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7 Ways to Normalise Mental Health at Work

7 Ways to Normalise Mental Health at Work

Paul McGregor, founder of Everymind at Work, lists seven ways in which employers and businesses can begin to normalise mental health in the workplace and support their staff.

There’s no doubt that the mental health of employees and individuals has been affected by the coronavirus pandemic and the impact has filtered through to many aspects of our lives, both at work and in our personal lives. Stress, financial worries, job insecurity, redundancy, isolation, loneliness, illness, and uncertainty are just some of the consequences and almost everyone will have been impacted by at least one.

As a result, there has never been a more poignant time to further smash the stigma and normalise mental health discussions and awareness within the workplace. We’ve put together seven ways in which employers and businesses can begin to normalise mental health conversations and awareness within the workplace – regardless of whether you’re back in the workplace or continuing to work remotely. We hope it helps and inspires!

1. Start the conversation

Sadly, there is still a stigma surrounding mental health, particularly within the workplace. We might feel scared to open up, scared that we will be judged or that it might be seem like a sign of weakness. That is not true!

Mental health difficulties are far more common than you think, especially after everything we’ve been through as a society and economically over the past few months.

As more and more people return to work, one way employees and businesses can show support is to get a senior member of staff – whether that be the CEO, a member of the HR Department or someone within senior management – to send out an email to all staff acknowledging how difficult the past few months have been and to say that the literal and metaphorical door is always open if they need to speak to someone or feel they are struggling.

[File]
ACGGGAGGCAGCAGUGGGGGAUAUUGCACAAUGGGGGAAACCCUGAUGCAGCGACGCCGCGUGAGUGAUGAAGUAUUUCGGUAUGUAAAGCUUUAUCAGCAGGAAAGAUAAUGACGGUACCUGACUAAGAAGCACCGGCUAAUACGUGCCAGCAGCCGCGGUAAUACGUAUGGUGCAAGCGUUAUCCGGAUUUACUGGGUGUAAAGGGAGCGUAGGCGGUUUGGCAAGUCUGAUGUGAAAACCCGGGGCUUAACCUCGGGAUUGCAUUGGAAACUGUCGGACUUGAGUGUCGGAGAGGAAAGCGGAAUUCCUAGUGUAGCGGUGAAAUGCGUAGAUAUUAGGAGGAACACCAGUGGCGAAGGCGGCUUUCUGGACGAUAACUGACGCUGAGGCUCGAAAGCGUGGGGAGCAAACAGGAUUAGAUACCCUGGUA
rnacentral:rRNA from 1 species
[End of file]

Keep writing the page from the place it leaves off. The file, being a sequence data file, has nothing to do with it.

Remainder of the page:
Not only does that demonstrate acknowledgement, awareness, and compassion, but it might give people the confidence and reassurance to know that it’s okay to reach out and that they won’t be judged. Further breaking the stigma.

2. Regular check-ins/one-to-ones

Whether you’re back in the office or working remotely, it’s important to check in with your staff regularly and individually to see how they’re doing. This can be done either in person or virtually. Not only does this remind them that you’re there for them but having a time and space dedicated to them only will make them feel valued and, again, might give them the confidence to talk more honestly and vulnerably about how they truly feel.

3. Get out of the office as a team!

We’ve all been cooped up within four walls for months and this might have been a very lonely and isolating time, especially for employees who live alone. By getting your team outside, whether that be a socially distanced walk or picnic in the park, this will give your employees a sense of connection and togetherness and it’s often easier to open up and talk more organically and honestly when we’re outside the office walls!

4. Nominate a Mental Health First Aider or Mental Health Ambassador

Often people find it very difficult to go straight to a senior member of team and let them know that they’re struggling with their mental health. Training one of your employees to become a Mental Health First Aider, who is perhaps knowledgeable or passionate about mental health, might make it easier for employees to come forward.